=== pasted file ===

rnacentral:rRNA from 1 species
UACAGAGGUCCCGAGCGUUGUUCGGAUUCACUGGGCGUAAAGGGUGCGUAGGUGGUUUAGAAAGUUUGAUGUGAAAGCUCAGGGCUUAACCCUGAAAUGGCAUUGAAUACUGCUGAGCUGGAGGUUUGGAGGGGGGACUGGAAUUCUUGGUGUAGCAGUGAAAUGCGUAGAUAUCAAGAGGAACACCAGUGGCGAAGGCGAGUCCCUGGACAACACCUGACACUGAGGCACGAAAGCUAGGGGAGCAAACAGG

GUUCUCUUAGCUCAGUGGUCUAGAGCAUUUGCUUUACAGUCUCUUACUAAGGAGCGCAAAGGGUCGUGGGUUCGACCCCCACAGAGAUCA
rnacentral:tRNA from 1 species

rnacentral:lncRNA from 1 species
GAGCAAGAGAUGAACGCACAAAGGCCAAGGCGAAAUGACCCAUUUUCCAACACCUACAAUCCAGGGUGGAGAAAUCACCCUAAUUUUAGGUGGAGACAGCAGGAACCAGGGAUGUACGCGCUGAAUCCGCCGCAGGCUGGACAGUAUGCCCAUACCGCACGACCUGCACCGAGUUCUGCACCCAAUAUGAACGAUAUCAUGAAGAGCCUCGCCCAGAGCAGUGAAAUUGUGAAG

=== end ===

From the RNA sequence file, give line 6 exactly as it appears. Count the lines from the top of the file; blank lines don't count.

GAGCAAGAGAUGAACGCACAAAGGCCAAGGCGAAAUGACCCAUUUUCCAACACCUACAAUCCAGGGUGGAGAAAUCACCCUAAUUUUAGGUGGAGACAGCAGGAACCAGGGAUGUACGCGCUGAAUCCGCCGCAGGCUGGACAGUAUGCCCAUACCGCACGACCUGCACCGAGUUCUGCACCCAAUAUGAACGAUAUCAUGAAGAGCCUCGCCCAGAGCAGUGAAAUUGUGAAG